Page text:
“Kenangan Ziarah ke Bumi Istanbul, Turki (16 – 18 Mac 2007)”
News Europe, 23 July 2007: Recep Tayyip Erdogan, Turkey’s Prime Minister, has pledged to work for national unity and press ahead with membership of the EU after his party won a majority of parliamentary seats in elections.
Unofficial results gave his ruling Justice and Development (AK) Party 47 per cent, up 13 points from 2002.
But a more united opposition means it will get only 339 out of 550 seats, slightly fewer than now.
“This is the first time in 52 years that a party in power has increased its votes for a second term,” Erdogan (picture) told thousands of supporters outside his party’s headquarters in the capital Ankara.
“We will continue to work with determination to achieve our European Union goal,” he said.
The move would come despite a growing disillusionment in Turkey towards joining the European bloc.
Erdogan said: “I understand the message you have sent through the election.”
“We will support and protect what our nation has entrusted us with. We will work to undertake the duty you have given us.”
He promised to respect the “basic principles” of a “secular social and democratic republic”.
“We will never compromise the basic principles of our republic. These principles are needed for a strong and wealthy Turkey,” he said.
He stressed the importance of plurality of “political voices” and said his party would continue “in the same way as before” with its free-market policies and Turkey’s stalled ambition for EU membership.
Nigar Goksel, the editor of a Turkish political magazine, told Al-Jazeera: “The EU has been off the agenda for a while … However, now it looks like the Prime Minister has put it back, high up on his agenda.”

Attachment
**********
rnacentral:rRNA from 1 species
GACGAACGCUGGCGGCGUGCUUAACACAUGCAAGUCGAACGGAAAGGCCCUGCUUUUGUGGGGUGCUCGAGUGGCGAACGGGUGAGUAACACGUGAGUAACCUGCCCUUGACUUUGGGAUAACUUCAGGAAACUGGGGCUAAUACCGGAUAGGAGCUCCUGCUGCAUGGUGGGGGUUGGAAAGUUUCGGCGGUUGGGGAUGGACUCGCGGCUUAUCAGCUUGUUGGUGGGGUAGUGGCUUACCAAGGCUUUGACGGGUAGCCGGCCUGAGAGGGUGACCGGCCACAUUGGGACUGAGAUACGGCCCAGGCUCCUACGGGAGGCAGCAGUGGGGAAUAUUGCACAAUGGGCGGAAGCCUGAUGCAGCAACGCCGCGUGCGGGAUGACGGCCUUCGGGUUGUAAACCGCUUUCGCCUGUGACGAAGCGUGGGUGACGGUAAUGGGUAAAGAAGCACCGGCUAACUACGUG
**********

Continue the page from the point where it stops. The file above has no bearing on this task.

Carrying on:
Two secularist parties also crossed the 10 per cent threshold to enter parliament, the Republican People’s Party (CHP) with about 20 per cent and the National Movement Party (MHP) with 13 per cent.
No other party passed the threshold but 24 independent Kurdish candidates also won seats.
The CHP, which was set up by Kemal Ataturk, the founder of the Turkish republic, has become more inward looking over the years and is hostile to the idea of Turkey’s membership of the European Union.
Cengiz Aktar, a political analyst, told Al-Jazeera: “If Attaturk were alive today … he wouldn’t be very happy with the performance of his followers [in the CHP party]. His path was clearly a European path.”
“He was clearly pro-European,” he said.
The contest was viewed as pivotal in determining the balance between Islam and secularism in this nation of more than 70 million.
The result is a moral triumph for Erdogan who called early parliamentary polls after losing a battle with the establishment, which includes army generals, who did not want his ex-Islamist ally, Abdullah Gul, as head of state.
The army views itself as the ultimate guarantor of Turkey’s secular state and has removed four cabinets from power in 50 years, most recently an Islamist-minded predecessor of the AK Party in 1997.